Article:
WASHINGTON -- After months of studying the economic cost of protecting the threatened northern spotted owl, the U.S. Fish and Wildlife Service said yesterday that it has designated 6.88 million acres of old-growth forest in Washington, Oregon and Northern California as habitat critical to the creature's survival.
Federal officials have estimated that saving the owl could cost 33,000 jobs in the Northwest, but the timber industry maintains that the toll could reach 80,000 to 100,000.
The designation, which in effect would restrict timber-cutting on the land, is still subject to review by the Department of the Interior and is likely to face other challenges.
Although the acreage was a dramatic reduction from the 11.6 million acres the agency first proposed as protected habitat last April, the new designation immediately drew fire from logging companies, which contended that the acreage was too high, and environmentalists, who said that it was too low.
Loggers said the designation would further harm the already depressed timber industry in the Pacific Northwest.
Barry Polsky, a spokesman for the American Forest Resource Alliance, accused Fish and Wildlife officials of "low-balling" estimated job losses, and Mark Rey, the timber organization's executive director, called the action "a legal lynching of an entire region by an out-of-control federal agency."
Environmental organizations, whose 1987 lawsuit forced the government to identify the owl's critical habitat, charged that reducing the area of protection would cause the death of half the remaining birds, which numbered 2,800 in the three states in October, according to a Fish and Wildlife Service estimate.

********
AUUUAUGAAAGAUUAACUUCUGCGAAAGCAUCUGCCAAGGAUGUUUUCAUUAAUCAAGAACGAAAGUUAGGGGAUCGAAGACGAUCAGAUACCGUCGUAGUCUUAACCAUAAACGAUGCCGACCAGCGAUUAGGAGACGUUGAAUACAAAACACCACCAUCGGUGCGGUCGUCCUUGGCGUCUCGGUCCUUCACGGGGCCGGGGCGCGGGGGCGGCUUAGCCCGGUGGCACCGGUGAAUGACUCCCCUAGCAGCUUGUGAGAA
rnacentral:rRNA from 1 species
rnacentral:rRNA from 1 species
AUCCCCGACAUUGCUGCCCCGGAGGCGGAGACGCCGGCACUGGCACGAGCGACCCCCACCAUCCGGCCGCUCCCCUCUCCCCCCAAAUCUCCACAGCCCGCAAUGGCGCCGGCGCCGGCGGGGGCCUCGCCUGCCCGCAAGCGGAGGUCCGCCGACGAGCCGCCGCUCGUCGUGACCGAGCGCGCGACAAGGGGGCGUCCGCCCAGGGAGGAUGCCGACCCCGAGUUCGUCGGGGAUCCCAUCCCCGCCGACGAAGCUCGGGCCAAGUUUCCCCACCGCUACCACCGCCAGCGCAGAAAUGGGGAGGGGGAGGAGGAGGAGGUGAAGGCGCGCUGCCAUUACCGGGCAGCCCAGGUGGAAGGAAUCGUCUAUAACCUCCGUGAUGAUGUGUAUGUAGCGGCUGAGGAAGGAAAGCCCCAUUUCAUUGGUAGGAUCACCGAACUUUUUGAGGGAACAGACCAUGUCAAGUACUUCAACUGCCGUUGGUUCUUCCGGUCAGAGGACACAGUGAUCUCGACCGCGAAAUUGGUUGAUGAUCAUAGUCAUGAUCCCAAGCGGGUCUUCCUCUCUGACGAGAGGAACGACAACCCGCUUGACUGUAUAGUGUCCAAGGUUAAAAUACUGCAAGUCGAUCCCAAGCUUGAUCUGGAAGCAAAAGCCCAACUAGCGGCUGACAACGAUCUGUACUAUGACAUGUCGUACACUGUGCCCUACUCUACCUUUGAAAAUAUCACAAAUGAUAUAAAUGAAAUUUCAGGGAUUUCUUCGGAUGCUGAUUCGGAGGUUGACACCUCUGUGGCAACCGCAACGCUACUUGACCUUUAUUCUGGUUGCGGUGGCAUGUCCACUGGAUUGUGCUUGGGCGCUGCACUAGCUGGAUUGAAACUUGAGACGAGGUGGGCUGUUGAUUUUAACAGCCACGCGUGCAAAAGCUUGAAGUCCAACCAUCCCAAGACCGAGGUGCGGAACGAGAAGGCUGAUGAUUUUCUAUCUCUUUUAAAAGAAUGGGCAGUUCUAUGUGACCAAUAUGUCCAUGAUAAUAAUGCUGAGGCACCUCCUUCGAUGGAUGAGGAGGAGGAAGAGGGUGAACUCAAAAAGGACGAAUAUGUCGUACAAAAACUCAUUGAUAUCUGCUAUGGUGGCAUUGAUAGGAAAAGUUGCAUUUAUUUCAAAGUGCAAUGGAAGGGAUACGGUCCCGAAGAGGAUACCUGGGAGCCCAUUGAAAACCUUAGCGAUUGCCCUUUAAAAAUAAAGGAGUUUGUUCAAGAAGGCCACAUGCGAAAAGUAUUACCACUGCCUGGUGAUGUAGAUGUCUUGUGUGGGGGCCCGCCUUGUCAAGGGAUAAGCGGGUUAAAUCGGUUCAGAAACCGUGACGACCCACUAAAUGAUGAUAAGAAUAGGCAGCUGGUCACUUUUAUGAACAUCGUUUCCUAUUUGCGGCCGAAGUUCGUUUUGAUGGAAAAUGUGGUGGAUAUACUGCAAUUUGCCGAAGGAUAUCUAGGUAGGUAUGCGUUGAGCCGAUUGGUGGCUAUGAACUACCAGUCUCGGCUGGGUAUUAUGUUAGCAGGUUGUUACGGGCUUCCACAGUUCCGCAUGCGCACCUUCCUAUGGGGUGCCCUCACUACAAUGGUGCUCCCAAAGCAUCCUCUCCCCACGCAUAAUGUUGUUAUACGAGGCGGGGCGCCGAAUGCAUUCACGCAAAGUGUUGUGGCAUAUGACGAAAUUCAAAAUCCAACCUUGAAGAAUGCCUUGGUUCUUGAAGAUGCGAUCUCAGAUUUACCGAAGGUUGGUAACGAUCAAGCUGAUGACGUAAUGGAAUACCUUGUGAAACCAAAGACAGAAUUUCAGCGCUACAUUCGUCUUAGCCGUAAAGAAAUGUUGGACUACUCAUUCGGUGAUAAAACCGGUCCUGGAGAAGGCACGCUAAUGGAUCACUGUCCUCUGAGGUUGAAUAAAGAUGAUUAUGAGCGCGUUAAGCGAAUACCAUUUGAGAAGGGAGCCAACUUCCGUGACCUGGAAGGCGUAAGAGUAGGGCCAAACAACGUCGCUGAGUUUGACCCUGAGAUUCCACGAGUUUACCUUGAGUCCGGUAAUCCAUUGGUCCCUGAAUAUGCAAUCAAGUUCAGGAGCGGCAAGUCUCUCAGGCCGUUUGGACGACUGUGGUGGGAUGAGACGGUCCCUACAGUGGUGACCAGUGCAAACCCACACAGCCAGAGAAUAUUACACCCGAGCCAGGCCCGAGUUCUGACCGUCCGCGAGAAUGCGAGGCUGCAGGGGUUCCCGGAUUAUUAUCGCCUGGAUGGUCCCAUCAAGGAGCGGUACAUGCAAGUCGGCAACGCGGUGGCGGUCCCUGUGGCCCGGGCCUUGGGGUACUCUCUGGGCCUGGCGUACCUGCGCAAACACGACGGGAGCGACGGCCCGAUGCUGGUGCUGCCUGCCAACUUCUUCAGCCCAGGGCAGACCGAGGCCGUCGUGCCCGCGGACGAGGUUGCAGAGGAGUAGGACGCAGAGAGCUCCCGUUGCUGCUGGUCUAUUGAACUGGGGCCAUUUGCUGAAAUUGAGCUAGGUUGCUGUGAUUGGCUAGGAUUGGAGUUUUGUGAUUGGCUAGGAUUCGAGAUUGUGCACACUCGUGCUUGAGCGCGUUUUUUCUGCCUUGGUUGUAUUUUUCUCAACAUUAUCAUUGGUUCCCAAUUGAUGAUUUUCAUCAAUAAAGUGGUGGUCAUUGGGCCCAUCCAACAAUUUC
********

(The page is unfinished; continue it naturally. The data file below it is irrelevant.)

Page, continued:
The area outlined in documents submitted to a U.S. District Court judge in Seattle and made public yesterday will not ban logging but will sharply restrict it and will require timber sales to be approved by Fish and Wildlife officials on a case-by-case basis.
After an outcry from timber and business interests last year, the Fish and Wildlife Service in August dropped 3 million acres of private lands from the 11.6 million acres it first proposed to designate as critical habitat.
From the remaining 8.6 million, the new action excluded 1.7 million acres belonging to the U.S. Forest Service and the Department of the Interior's Bureau of Land Management.
Finally designated as critical to the owl's survival were 2.2 million acres of federal land in Washington, 3.3 million acres in Oregon and 1.4 million acres in Northern California.
Fish and Wildlife Service spokesman David Klinger said officials spent four months identifying areas to be eliminated because the economic impact of protection outweighed the bird's survival.
Critics reacted scornfully to the service's claim that it had saved jobs.
"The agency," said Mr. Polsky, "is pulling out all of the stops to low-ball the numbers to protect the Endangered Species Act."